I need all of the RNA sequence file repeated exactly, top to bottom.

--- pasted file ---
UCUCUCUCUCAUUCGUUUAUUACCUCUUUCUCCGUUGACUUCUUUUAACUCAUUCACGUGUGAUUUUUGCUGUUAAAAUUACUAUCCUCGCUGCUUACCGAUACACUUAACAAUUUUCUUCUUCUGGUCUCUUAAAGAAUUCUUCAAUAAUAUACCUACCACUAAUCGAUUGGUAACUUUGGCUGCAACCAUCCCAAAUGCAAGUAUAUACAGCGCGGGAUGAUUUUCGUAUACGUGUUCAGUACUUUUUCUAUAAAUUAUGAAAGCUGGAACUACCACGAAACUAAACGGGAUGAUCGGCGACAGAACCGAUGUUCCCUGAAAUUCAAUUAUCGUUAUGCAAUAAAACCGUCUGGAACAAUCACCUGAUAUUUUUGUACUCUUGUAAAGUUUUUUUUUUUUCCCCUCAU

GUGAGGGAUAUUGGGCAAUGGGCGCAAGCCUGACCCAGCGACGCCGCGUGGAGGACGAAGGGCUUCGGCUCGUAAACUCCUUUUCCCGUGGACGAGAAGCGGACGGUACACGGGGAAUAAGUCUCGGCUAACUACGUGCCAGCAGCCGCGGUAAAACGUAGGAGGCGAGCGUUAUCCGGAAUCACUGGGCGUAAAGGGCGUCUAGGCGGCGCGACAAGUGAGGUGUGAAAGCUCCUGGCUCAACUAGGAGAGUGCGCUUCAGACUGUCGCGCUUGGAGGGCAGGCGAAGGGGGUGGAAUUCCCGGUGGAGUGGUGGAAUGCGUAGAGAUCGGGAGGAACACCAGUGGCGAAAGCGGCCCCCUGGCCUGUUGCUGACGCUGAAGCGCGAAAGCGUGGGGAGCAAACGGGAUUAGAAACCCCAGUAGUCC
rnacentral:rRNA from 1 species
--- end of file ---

UCUCUCUCUCAUUCGUUUAUUACCUCUUUCUCCGUUGACUUCUUUUAACUCAUUCACGUGUGAUUUUUGCUGUUAAAAUUACUAUCCUCGCUGCUUACCGAUACACUUAACAAUUUUCUUCUUCUGGUCUCUUAAAGAAUUCUUCAAUAAUAUACCUACCACUAAUCGAUUGGUAACUUUGGCUGCAACCAUCCCAAAUGCAAGUAUAUACAGCGCGGGAUGAUUUUCGUAUACGUGUUCAGUACUUUUUCUAUAAAUUAUGAAAGCUGGAACUACCACGAAACUAAACGGGAUGAUCGGCGACAGAACCGAUGUUCCCUGAAAUUCAAUUAUCGUUAUGCAAUAAAACCGUCUGGAACAAUCACCUGAUAUUUUUGUACUCUUGUAAAGUUUUUUUUUUUUCCCCUCAU

GUGAGGGAUAUUGGGCAAUGGGCGCAAGCCUGACCCAGCGACGCCGCGUGGAGGACGAAGGGCUUCGGCUCGUAAACUCCUUUUCCCGUGGACGAGAAGCGGACGGUACACGGGGAAUAAGUCUCGGCUAACUACGUGCCAGCAGCCGCGGUAAAACGUAGGAGGCGAGCGUUAUCCGGAAUCACUGGGCGUAAAGGGCGUCUAGGCGGCGCGACAAGUGAGGUGUGAAAGCUCCUGGCUCAACUAGGAGAGUGCGCUUCAGACUGUCGCGCUUGGAGGGCAGGCGAAGGGGGUGGAAUUCCCGGUGGAGUGGUGGAAUGCGUAGAGAUCGGGAGGAACACCAGUGGCGAAAGCGGCCCCCUGGCCUGUUGCUGACGCUGAAGCGCGAAAGCGUGGGGAGCAAACGGGAUUAGAAACCCCAGUAGUCC
rnacentral:rRNA from 1 species